Nick: Oh, absolutely. I mean, this—this is one of my major top 10 pet peeves.

Leah: So rude!

Nick: Yeah.

Leah: But—and this, "I was wondering if she doesn't like me, and I think I have my answer," for new year, new me, I personally—and maybe our letter-writer wants to join me in this: flip it around. And is it, "Oh, they don't like me. Maybe I don't like them. And I don't have to continue to invite somebody who doesn't respond to me in the way that I want to be friends with people."

Nick: Yeah. I mean, I think there are different flavors of hosting. And for some hosts, super casual, drop in, do a pop in. Happy to have you over. Other people—such as myself—I like a little planning. I like to know who's coming, and I like to be able to, like, buy enough ingredients, make sure I have enough chairs, know the guest list. And so if you just aren't on my page, then I don't really want to have you as part of my event. And I would say this person is not on your page, and they're just on a different page. And that's fine. But, like, you do not have to invite them anymore. You just don't.

Leah: And you don't even have to like that page.

Nick: You don't even also have to like that page. That's also fine. Totally fine, yeah. But it is true: no response is a response. Because I have long maintained that people who are interested make an effort, and people who are not do not. And so this person has made no effort, and therefore they are not interested. They're not interested in the party, they're not interested in your friendship. And so let's not invest any more time.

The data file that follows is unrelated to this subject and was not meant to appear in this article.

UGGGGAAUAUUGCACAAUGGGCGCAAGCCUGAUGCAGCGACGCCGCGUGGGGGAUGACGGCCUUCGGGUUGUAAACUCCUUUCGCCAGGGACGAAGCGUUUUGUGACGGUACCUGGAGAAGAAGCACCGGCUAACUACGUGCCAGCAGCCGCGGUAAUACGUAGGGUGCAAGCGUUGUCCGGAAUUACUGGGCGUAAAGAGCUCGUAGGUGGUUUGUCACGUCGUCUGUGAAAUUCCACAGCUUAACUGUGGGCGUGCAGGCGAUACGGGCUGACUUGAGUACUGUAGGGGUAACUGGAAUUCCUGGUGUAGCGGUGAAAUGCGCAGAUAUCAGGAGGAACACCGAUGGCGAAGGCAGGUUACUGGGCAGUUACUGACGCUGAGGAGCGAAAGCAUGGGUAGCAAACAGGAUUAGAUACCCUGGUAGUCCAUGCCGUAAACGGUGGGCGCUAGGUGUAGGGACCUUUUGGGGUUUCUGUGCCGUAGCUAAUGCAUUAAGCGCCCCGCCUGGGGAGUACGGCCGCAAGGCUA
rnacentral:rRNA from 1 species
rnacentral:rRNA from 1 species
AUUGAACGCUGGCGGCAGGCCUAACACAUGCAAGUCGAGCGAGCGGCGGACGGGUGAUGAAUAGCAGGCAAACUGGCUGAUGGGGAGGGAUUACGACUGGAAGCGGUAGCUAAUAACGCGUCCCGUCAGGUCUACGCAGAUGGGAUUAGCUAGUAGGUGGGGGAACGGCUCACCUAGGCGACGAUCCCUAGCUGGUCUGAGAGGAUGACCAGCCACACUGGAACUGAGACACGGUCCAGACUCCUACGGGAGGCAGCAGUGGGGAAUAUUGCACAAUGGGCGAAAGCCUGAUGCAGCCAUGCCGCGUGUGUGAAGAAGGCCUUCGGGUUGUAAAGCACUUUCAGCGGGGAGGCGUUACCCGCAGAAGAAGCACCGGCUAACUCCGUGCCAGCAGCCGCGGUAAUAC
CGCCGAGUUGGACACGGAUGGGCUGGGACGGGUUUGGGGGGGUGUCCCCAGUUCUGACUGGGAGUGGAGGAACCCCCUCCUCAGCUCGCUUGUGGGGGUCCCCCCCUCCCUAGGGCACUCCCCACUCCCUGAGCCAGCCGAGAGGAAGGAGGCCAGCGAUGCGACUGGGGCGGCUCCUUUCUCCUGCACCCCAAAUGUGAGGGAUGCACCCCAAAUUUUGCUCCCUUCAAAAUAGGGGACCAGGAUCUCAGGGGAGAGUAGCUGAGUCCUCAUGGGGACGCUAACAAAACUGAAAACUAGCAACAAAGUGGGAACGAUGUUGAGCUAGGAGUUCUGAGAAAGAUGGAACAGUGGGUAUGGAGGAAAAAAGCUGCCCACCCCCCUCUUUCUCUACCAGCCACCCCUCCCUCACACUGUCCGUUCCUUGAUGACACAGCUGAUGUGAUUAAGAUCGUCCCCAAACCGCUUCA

Leah: To quote Nicholas Leighton ...

Nick: Uh-huh?

Leah: "Let's walk them out of the theater."

Nick: I definitely would reseat them. Sure. Yeah, I don't think they need to be in the orchestra. I mean, I think definitely there's a balcony spot for them.

Leah: I mean, they could be outside.

Nick: [laughs] Okay. They could be in the touring production outside.

Leah: [laughs]

Nick: Yeah. So it is rude.

Leah: No, I love that they're in the touring production.

Nick: So I would also say, for people who are receiving invitations, as a reminder, just respond to them. It is a yes or a no. "Maybe" is actually not a great answer. Facebook has trained us that "Maybe" is an acceptable answer to a party, and it is not because that leaves your host hanging. If you cannot commit, then you can communicate with your host and be like, "Hey, I can't say yes because I have this other thing. When do I need to let you know by?" That's a fine conversation. But just to leave it hanging as a maybe? Uh-uh. So just yes or no. That's all we need from you.

Leah: Agreed.

Nick: Right?

Leah: Yes.

Nick: It's just, like, not that hard.

Leah: It's not. And as Nick said, if you're unsure because of a thing, just reach out to the host, ask when they need to know by.

Nick: Right

L:. Just because you have a conflict that hasn't cleared yet.

Nick: Yeah.

Leah: And you're wondering how much time you have to respond. Just ask.

Nick: Right. And it could be like, "Oh, actually, I do need to know now. So if so, then okay, then I'll just decline no." Okay, then that's what it is. See you in the next event. But don't leave your host hanging. And also, the people who do this are people who never host, people who host know how annoying this is. And I think the only people that do this are, like, people who never host.

Leah: Mm-mm-mm.

Nick: Right?

Leah: Thank you for sharing your vent with us. We 100 percent agree.

Nick: Yes. I think a lot of people in our audience can relate to this and sympathize and feel your pain.

Leah: Who are these people?

Nick: Nobody knows. Nobody knows. [laughs]

Leah: [laughs]

Nick: So do you have a vent for us or a repent? Or a question? Oh, yes, you do! Send them to us. You can send them to us through our website, WereYouRaisedByWolves.com. Or you can leave us a voicemail or send us a text message: (267) CALL-RBW. And we'll see you next time!

Leah: Bye!

Nick: Bye!